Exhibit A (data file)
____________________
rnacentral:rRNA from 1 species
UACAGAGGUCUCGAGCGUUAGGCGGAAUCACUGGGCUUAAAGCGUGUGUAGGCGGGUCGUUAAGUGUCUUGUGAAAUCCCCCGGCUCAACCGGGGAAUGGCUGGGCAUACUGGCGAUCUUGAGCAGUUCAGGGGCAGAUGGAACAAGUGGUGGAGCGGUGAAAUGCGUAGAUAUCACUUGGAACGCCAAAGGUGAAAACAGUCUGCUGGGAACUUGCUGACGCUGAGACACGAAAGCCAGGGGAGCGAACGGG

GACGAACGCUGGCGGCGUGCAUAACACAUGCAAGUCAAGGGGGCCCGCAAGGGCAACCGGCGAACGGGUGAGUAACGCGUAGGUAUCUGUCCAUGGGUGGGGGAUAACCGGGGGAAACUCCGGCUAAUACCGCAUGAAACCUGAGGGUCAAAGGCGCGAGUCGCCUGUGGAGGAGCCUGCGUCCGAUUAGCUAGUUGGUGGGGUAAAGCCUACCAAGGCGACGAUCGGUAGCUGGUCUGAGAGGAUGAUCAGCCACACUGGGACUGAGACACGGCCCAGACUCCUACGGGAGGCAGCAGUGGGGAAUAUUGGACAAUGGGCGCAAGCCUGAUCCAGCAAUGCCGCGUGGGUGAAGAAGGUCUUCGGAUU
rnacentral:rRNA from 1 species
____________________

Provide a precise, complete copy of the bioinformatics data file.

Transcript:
rnacentral:rRNA from 1 species
UACAGAGGUCUCGAGCGUUAGGCGGAAUCACUGGGCUUAAAGCGUGUGUAGGCGGGUCGUUAAGUGUCUUGUGAAAUCCCCCGGCUCAACCGGGGAAUGGCUGGGCAUACUGGCGAUCUUGAGCAGUUCAGGGGCAGAUGGAACAAGUGGUGGAGCGGUGAAAUGCGUAGAUAUCACUUGGAACGCCAAAGGUGAAAACAGUCUGCUGGGAACUUGCUGACGCUGAGACACGAAAGCCAGGGGAGCGAACGGG

GACGAACGCUGGCGGCGUGCAUAACACAUGCAAGUCAAGGGGGCCCGCAAGGGCAACCGGCGAACGGGUGAGUAACGCGUAGGUAUCUGUCCAUGGGUGGGGGAUAACCGGGGGAAACUCCGGCUAAUACCGCAUGAAACCUGAGGGUCAAAGGCGCGAGUCGCCUGUGGAGGAGCCUGCGUCCGAUUAGCUAGUUGGUGGGGUAAAGCCUACCAAGGCGACGAUCGGUAGCUGGUCUGAGAGGAUGAUCAGCCACACUGGGACUGAGACACGGCCCAGACUCCUACGGGAGGCAGCAGUGGGGAAUAUUGGACAAUGGGCGCAAGCCUGAUCCAGCAAUGCCGCGUGGGUGAAGAAGGUCUUCGGAUU
rnacentral:rRNA from 1 species